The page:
What to Eat and Avoid
1. Stay Hydrated
The most difficult part of preparing for a PT test is the most intuitive. Staying properly hydrated seems like so simple of a task that it is often overlooked. There is much more to staying hydrated than drinking water. The first suggestion is not to drink too much water. Drinking large amounts of water in a short period of time will flush the body of necessary electrolytes. Once the electrolytes have been flushed out, there is nothing in your body to keep you hydrated. Salts help retain the water. This is not to say that you should be taking in a ton of salt either. Too much salt will have the opposite effect. Eat something with some salt while you drink your water. I recommend a banana for every three glasses you drink. If you’re going to drink Gatorade the night before a PT test, do so in moderation. Large amounts of sugar and salts will do nothing but dehydrate you. Gatorade should only be drunk after a workout to replace lost fluids and electrolytes. If you really want the best possible drink for hydrating, go out and buy Pedialyte. I know it’s for kids and not as sweet as Gatorade, but it is designed to hydrate in a hurry. It is costly, but one large bottle will do the trick.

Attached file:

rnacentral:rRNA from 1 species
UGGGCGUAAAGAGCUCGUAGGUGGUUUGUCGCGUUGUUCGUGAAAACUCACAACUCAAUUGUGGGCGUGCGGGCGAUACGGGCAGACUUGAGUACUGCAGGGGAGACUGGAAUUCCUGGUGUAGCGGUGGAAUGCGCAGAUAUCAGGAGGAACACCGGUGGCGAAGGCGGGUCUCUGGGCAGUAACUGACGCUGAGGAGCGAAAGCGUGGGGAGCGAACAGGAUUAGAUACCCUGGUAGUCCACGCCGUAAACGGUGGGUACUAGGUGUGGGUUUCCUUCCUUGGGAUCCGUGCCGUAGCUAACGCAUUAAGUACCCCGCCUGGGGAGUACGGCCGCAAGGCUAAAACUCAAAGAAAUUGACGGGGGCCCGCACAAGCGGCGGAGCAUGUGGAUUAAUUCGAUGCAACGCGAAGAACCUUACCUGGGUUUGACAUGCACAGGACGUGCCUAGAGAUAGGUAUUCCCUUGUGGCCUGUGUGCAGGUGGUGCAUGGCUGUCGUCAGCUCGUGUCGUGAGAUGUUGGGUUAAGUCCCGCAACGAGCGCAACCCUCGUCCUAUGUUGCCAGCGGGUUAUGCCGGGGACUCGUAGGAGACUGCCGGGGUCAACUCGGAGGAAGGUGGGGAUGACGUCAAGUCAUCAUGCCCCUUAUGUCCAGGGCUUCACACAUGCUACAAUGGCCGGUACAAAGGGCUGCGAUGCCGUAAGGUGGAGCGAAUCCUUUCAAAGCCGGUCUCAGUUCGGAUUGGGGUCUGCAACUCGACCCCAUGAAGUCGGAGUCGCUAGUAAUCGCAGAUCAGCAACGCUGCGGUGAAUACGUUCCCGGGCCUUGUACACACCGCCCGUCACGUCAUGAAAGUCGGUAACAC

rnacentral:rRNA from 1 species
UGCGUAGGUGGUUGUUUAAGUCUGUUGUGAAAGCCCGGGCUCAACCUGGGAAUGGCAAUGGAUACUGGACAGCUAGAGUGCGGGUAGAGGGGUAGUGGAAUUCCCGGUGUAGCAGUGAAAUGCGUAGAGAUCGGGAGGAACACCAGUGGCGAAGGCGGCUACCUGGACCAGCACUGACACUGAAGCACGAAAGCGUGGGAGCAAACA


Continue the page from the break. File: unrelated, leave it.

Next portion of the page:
2. Do not “Carbo-load”
There is a common misconception that eating a large amount of carbs the night before a workout will give you more energy the next day. This couldn’t be further from the truth. When your body breaks down large amounts of carbs, it will process them into stored energy or fat. This process actually uses a great deal of energy also. Increased energy will come from meals eaten within two to five hours depending on what you eat. Carbs are broken down faster than other forms of food. If eaten about 4 hours before working out, they can be very helpful. Unfortunately, PT tests are scheduled at 6 a.m. Getting up at 1:30 to eat just isn’t a good solution. Sleep is much more important than a small boost in energy. The other issue with eating a lot of one particular is that your body cannot process all of it. This causes more waste to be generated. I let you guess how a large amount of waste would affect you on the day of a PT test. Since you aren’t going to get up at one and you shouldn’t carbo-load, what should you do? Eat a moderate balanced meal with protein, vegetables, and some carbohydrates.[ad_2]
Source by Matt Fumo